With all this being said, I’ll be the first to admit that game’s handling of Erica isn’t totally spotless. The credits do refer to her by her deadname, as does the official artbook. There’s also something to be said for the humorous discomfort Toby feels about sleeping with Erica, as it jokingly plays into harmful stereotypes that lead to trans women getting assaulted or murdered under “trans panic” protection laws. These are two warts on the character that are definitely hurtful - but as hurtful as they are, it's important to understand them in the context of Catherine being a Japanese game versus a Western one.
As a Westerner, I have a bit of reluctance to speak on the Japanese queer community as a whole. I have no personal stakes in the ongoing struggles for legitimacy in the face of an increasingly conservative government, so speaking with any degree of authority on that front is a slippery slope. Before we get too deep into criticisms of Japan’s media, it’s important to point out that the misconception that non-western countries are less liberal than America is an easy view to fall into, but still very much a misconception. Japan has its own very rich history of gender non-conformity (especially in theatre) and LGBTQ culture, even having their first openly transgender elected official as far back as 2003. Not to mention, a lot of the conservatism that it’s struggling with right now was actually forcibly exported to them by America in the 20th century. They’re not lagging behind America on the hypothetical “progress track” so much as following their own path.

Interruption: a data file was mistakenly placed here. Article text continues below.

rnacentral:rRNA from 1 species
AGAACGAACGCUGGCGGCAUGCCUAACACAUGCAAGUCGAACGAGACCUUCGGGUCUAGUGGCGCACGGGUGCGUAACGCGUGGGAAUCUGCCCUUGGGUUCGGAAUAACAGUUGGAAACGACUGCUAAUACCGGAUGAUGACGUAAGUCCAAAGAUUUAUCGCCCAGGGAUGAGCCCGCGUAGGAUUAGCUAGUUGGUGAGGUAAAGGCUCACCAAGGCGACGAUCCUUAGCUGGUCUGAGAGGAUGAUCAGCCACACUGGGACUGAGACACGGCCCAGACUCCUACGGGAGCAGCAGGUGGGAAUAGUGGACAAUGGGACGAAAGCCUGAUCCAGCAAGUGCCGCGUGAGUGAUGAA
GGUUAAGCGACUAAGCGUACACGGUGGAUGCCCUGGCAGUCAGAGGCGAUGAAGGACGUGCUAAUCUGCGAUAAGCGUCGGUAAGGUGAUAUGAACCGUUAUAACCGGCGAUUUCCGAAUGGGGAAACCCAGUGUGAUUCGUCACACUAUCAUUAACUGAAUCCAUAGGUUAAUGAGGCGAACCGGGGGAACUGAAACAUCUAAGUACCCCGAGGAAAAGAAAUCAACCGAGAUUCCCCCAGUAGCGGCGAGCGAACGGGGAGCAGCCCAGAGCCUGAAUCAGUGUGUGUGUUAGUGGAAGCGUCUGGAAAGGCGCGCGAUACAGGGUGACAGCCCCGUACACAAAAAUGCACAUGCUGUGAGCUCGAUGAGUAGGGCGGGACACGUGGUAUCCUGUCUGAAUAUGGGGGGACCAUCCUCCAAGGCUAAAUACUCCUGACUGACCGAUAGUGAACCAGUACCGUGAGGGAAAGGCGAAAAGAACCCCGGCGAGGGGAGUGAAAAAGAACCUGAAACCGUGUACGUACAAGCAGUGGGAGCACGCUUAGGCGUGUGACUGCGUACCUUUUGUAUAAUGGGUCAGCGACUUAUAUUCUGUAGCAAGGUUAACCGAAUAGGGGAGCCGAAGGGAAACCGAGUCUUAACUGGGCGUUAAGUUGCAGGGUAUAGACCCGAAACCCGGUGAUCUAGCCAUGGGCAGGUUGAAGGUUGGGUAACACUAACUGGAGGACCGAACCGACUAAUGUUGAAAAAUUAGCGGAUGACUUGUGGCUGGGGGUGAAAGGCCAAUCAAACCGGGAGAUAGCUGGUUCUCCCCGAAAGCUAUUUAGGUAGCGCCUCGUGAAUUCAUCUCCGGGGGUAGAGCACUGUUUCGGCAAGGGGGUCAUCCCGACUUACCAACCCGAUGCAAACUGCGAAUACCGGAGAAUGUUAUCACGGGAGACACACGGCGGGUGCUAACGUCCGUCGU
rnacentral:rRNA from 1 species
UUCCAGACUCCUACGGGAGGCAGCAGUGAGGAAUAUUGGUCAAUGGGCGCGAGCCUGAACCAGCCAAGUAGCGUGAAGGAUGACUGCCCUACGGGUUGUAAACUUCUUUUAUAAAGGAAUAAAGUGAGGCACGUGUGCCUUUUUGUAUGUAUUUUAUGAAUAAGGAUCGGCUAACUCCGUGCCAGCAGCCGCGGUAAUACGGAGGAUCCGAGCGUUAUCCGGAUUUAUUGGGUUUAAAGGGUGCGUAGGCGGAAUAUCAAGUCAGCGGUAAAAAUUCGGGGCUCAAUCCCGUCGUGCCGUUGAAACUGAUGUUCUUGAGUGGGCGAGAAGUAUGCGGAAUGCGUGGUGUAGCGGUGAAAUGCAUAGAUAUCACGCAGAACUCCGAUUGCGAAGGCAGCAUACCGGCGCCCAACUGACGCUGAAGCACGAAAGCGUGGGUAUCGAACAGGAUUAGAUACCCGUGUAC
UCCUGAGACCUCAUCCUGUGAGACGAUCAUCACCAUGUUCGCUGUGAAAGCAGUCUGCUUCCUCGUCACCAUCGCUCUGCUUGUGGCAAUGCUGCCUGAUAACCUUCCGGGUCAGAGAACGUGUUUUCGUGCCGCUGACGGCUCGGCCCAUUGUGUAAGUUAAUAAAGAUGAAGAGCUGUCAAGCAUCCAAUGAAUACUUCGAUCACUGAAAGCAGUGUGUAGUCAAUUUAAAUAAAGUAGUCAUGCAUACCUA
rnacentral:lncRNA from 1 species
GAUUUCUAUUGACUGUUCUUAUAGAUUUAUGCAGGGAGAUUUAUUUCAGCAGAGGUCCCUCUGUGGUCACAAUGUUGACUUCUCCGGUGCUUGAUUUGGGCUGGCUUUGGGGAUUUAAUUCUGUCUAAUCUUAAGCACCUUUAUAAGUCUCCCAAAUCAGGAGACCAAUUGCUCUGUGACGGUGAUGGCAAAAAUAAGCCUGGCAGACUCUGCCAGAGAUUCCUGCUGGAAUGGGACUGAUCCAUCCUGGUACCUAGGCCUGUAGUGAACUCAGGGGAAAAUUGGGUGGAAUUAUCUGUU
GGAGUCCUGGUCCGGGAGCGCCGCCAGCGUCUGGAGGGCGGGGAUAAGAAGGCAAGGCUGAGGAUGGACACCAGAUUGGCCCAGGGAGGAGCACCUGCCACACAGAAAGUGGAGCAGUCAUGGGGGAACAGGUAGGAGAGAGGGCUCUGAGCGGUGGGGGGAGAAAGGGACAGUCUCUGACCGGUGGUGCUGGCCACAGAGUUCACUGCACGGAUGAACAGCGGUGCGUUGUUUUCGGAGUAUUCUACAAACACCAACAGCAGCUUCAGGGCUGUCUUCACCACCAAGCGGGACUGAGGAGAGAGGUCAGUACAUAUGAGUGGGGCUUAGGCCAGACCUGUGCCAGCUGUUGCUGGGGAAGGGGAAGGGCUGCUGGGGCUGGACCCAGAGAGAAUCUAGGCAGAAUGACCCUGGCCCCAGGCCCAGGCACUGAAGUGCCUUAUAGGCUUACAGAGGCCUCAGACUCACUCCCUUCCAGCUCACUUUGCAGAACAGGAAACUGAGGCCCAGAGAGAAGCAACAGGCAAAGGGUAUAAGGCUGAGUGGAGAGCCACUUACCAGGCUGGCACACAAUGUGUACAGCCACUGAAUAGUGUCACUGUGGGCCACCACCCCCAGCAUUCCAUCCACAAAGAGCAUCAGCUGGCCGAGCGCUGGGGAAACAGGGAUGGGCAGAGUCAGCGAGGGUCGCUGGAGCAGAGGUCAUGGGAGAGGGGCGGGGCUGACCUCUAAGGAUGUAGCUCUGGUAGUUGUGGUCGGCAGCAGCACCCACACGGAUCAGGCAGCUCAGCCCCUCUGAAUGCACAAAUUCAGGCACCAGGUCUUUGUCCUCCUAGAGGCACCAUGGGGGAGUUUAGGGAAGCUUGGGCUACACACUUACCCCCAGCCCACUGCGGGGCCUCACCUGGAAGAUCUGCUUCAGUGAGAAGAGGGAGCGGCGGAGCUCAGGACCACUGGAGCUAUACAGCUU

That being said, it's crucial to address the contemporary cultural context that Erica was produced in. In many ways, she's a bit of an anomaly when it comes to depictions of transgender characters in mainstream Japanese media. Her transgender status, while definitely brought up by the primary cast, isn't turned into a particularly mean-spirited joke that serves to humiliate and discourage her, nor is it presented in ambiguous terms.
Yet the cultural hangups over trans people are definitely embodied in her character. In particular, Erica expresses remorse at being unable to have children - a reference to the fact that trans people are legally required to be sterilized in Japan. As Japanese critic Kazuma Hashimoto points out in his breakdown of the character, the fact that she's unable to reproduce is meant to signify that she's untrustworthy on some level - or, in other words, this is supposed to be a major character weakness tantamount to Vincent's own flaws. That might not be immediately obvious to a Western player, but it's impossible to ignore when looking at it in the context of the game's Japanese origins.